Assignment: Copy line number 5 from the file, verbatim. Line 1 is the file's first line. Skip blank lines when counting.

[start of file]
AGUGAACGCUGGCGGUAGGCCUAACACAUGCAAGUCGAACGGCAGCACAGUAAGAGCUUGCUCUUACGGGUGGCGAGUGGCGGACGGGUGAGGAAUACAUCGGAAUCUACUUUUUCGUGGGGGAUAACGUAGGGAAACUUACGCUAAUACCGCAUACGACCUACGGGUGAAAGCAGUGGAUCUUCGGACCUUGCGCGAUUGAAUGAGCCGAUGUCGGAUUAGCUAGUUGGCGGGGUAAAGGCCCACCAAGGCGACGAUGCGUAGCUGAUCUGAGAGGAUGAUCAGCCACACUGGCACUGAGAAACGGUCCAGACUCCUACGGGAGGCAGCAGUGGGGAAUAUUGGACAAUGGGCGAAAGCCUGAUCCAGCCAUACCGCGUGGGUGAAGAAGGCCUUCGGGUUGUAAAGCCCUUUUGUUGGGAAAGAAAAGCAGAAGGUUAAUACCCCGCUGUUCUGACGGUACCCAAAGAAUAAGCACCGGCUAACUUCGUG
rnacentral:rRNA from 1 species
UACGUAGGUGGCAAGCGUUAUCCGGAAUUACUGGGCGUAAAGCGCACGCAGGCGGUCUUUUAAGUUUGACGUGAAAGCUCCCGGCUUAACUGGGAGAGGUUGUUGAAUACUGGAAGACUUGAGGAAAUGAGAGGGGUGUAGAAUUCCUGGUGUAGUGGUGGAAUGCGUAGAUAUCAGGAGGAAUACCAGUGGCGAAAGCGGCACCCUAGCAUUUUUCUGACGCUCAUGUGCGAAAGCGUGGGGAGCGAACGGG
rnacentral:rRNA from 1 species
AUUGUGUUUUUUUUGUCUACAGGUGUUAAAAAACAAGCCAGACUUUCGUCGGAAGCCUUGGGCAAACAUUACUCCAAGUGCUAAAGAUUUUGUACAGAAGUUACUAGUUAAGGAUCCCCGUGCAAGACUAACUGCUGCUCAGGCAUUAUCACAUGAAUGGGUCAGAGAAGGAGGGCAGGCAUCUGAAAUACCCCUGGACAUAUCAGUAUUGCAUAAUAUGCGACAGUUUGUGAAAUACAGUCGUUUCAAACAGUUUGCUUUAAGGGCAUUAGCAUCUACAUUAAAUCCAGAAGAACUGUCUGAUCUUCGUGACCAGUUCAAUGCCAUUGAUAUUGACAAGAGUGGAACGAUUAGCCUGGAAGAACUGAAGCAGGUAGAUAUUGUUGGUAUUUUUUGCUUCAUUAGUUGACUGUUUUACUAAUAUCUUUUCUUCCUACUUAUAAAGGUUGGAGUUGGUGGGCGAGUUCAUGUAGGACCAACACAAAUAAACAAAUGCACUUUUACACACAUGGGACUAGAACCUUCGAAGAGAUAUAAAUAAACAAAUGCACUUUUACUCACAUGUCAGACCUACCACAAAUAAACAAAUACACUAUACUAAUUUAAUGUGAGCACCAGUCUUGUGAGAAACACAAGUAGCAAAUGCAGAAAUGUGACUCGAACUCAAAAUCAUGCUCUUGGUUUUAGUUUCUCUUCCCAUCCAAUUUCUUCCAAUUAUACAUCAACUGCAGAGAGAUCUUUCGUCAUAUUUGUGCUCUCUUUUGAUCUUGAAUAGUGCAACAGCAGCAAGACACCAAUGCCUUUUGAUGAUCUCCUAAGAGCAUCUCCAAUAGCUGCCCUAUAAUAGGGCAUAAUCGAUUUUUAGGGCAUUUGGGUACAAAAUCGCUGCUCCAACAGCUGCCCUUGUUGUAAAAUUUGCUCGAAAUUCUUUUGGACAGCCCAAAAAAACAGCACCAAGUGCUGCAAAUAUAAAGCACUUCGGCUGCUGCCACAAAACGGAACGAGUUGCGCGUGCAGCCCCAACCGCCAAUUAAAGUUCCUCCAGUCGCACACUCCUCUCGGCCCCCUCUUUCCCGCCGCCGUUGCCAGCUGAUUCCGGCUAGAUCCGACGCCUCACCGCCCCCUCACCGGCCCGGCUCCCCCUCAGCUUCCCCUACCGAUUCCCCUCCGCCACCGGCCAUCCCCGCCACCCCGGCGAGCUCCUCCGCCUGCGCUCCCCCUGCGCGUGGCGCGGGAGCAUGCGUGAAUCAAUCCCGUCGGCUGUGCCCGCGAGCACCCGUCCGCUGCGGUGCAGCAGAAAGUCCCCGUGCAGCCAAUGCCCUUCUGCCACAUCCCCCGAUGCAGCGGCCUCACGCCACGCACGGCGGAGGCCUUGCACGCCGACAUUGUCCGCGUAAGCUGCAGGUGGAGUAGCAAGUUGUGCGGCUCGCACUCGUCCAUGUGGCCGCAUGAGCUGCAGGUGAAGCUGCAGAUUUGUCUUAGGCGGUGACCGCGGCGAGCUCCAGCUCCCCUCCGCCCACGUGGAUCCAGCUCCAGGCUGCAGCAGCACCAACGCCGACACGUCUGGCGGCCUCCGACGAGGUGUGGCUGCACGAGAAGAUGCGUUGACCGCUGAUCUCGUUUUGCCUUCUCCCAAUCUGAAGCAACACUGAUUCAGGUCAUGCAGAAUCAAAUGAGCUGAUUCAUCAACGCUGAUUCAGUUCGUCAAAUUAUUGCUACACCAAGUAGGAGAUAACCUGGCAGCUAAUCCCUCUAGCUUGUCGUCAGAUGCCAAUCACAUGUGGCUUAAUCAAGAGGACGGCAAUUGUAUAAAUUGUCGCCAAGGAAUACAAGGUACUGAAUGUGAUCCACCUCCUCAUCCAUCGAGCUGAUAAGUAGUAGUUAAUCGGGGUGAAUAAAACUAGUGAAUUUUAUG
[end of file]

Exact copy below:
AUUGUGUUUUUUUUGUCUACAGGUGUUAAAAAACAAGCCAGACUUUCGUCGGAAGCCUUGGGCAAACAUUACUCCAAGUGCUAAAGAUUUUGUACAGAAGUUACUAGUUAAGGAUCCCCGUGCAAGACUAACUGCUGCUCAGGCAUUAUCACAUGAAUGGGUCAGAGAAGGAGGGCAGGCAUCUGAAAUACCCCUGGACAUAUCAGUAUUGCAUAAUAUGCGACAGUUUGUGAAAUACAGUCGUUUCAAACAGUUUGCUUUAAGGGCAUUAGCAUCUACAUUAAAUCCAGAAGAACUGUCUGAUCUUCGUGACCAGUUCAAUGCCAUUGAUAUUGACAAGAGUGGAACGAUUAGCCUGGAAGAACUGAAGCAGGUAGAUAUUGUUGGUAUUUUUUGCUUCAUUAGUUGACUGUUUUACUAAUAUCUUUUCUUCCUACUUAUAAAGGUUGGAGUUGGUGGGCGAGUUCAUGUAGGACCAACACAAAUAAACAAAUGCACUUUUACACACAUGGGACUAGAACCUUCGAAGAGAUAUAAAUAAACAAAUGCACUUUUACUCACAUGUCAGACCUACCACAAAUAAACAAAUACACUAUACUAAUUUAAUGUGAGCACCAGUCUUGUGAGAAACACAAGUAGCAAAUGCAGAAAUGUGACUCGAACUCAAAAUCAUGCUCUUGGUUUUAGUUUCUCUUCCCAUCCAAUUUCUUCCAAUUAUACAUCAACUGCAGAGAGAUCUUUCGUCAUAUUUGUGCUCUCUUUUGAUCUUGAAUAGUGCAACAGCAGCAAGACACCAAUGCCUUUUGAUGAUCUCCUAAGAGCAUCUCCAAUAGCUGCCCUAUAAUAGGGCAUAAUCGAUUUUUAGGGCAUUUGGGUACAAAAUCGCUGCUCCAACAGCUGCCCUUGUUGUAAAAUUUGCUCGAAAUUCUUUUGGACAGCCCAAAAAAACAGCACCAAGUGCUGCAAAUAUAAAGCACUUCGGCUGCUGCCACAAAACGGAACGAGUUGCGCGUGCAGCCCCAACCGCCAAUUAAAGUUCCUCCAGUCGCACACUCCUCUCGGCCCCCUCUUUCCCGCCGCCGUUGCCAGCUGAUUCCGGCUAGAUCCGACGCCUCACCGCCCCCUCACCGGCCCGGCUCCCCCUCAGCUUCCCCUACCGAUUCCCCUCCGCCACCGGCCAUCCCCGCCACCCCGGCGAGCUCCUCCGCCUGCGCUCCCCCUGCGCGUGGCGCGGGAGCAUGCGUGAAUCAAUCCCGUCGGCUGUGCCCGCGAGCACCCGUCCGCUGCGGUGCAGCAGAAAGUCCCCGUGCAGCCAAUGCCCUUCUGCCACAUCCCCCGAUGCAGCGGCCUCACGCCACGCACGGCGGAGGCCUUGCACGCCGACAUUGUCCGCGUAAGCUGCAGGUGGAGUAGCAAGUUGUGCGGCUCGCACUCGUCCAUGUGGCCGCAUGAGCUGCAGGUGAAGCUGCAGAUUUGUCUUAGGCGGUGACCGCGGCGAGCUCCAGCUCCCCUCCGCCCACGUGGAUCCAGCUCCAGGCUGCAGCAGCACCAACGCCGACACGUCUGGCGGCCUCCGACGAGGUGUGGCUGCACGAGAAGAUGCGUUGACCGCUGAUCUCGUUUUGCCUUCUCCCAAUCUGAAGCAACACUGAUUCAGGUCAUGCAGAAUCAAAUGAGCUGAUUCAUCAACGCUGAUUCAGUUCGUCAAAUUAUUGCUACACCAAGUAGGAGAUAACCUGGCAGCUAAUCCCUCUAGCUUGUCGUCAGAUGCCAAUCACAUGUGGCUUAAUCAAGAGGACGGCAAUUGUAUAAAUUGUCGCCAAGGAAUACAAGGUACUGAAUGUGAUCCACCUCCUCAUCCAUCGAGCUGAUAAGUAGUAGUUAAUCGGGGUGAAUAAAACUAGUGAAUUUUAUG